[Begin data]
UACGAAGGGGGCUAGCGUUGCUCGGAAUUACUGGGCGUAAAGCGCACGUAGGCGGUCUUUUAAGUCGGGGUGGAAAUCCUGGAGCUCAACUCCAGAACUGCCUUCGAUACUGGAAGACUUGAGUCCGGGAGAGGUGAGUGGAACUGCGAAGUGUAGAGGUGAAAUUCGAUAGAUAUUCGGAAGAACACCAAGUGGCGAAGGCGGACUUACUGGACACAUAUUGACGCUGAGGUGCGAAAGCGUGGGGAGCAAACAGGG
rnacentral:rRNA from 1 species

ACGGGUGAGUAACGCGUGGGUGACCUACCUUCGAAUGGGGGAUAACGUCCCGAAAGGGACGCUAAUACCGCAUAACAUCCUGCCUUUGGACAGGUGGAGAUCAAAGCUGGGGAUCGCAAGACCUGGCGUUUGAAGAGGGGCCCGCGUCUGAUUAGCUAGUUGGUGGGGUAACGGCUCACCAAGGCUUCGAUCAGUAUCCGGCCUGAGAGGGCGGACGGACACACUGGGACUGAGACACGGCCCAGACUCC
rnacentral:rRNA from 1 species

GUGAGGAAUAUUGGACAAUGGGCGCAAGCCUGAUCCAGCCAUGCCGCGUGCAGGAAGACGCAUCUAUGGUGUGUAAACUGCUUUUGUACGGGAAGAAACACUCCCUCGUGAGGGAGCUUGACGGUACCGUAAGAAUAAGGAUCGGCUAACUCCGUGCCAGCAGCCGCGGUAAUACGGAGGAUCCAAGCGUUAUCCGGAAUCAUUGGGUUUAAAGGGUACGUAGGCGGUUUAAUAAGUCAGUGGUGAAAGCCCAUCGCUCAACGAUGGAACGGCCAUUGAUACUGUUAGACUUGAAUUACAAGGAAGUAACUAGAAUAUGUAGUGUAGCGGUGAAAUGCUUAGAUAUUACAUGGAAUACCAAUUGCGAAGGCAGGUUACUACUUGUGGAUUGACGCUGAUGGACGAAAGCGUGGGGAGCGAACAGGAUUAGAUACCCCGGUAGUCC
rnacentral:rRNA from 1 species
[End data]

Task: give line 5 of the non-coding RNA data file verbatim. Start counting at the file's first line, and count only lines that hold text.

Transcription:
GUGAGGAAUAUUGGACAAUGGGCGCAAGCCUGAUCCAGCCAUGCCGCGUGCAGGAAGACGCAUCUAUGGUGUGUAAACUGCUUUUGUACGGGAAGAAACACUCCCUCGUGAGGGAGCUUGACGGUACCGUAAGAAUAAGGAUCGGCUAACUCCGUGCCAGCAGCCGCGGUAAUACGGAGGAUCCAAGCGUUAUCCGGAAUCAUUGGGUUUAAAGGGUACGUAGGCGGUUUAAUAAGUCAGUGGUGAAAGCCCAUCGCUCAACGAUGGAACGGCCAUUGAUACUGUUAGACUUGAAUUACAAGGAAGUAACUAGAAUAUGUAGUGUAGCGGUGAAAUGCUUAGAUAUUACAUGGAAUACCAAUUGCGAAGGCAGGUUACUACUUGUGGAUUGACGCUGAUGGACGAAAGCGUGGGGAGCGAACAGGAUUAGAUACCCCGGUAGUCC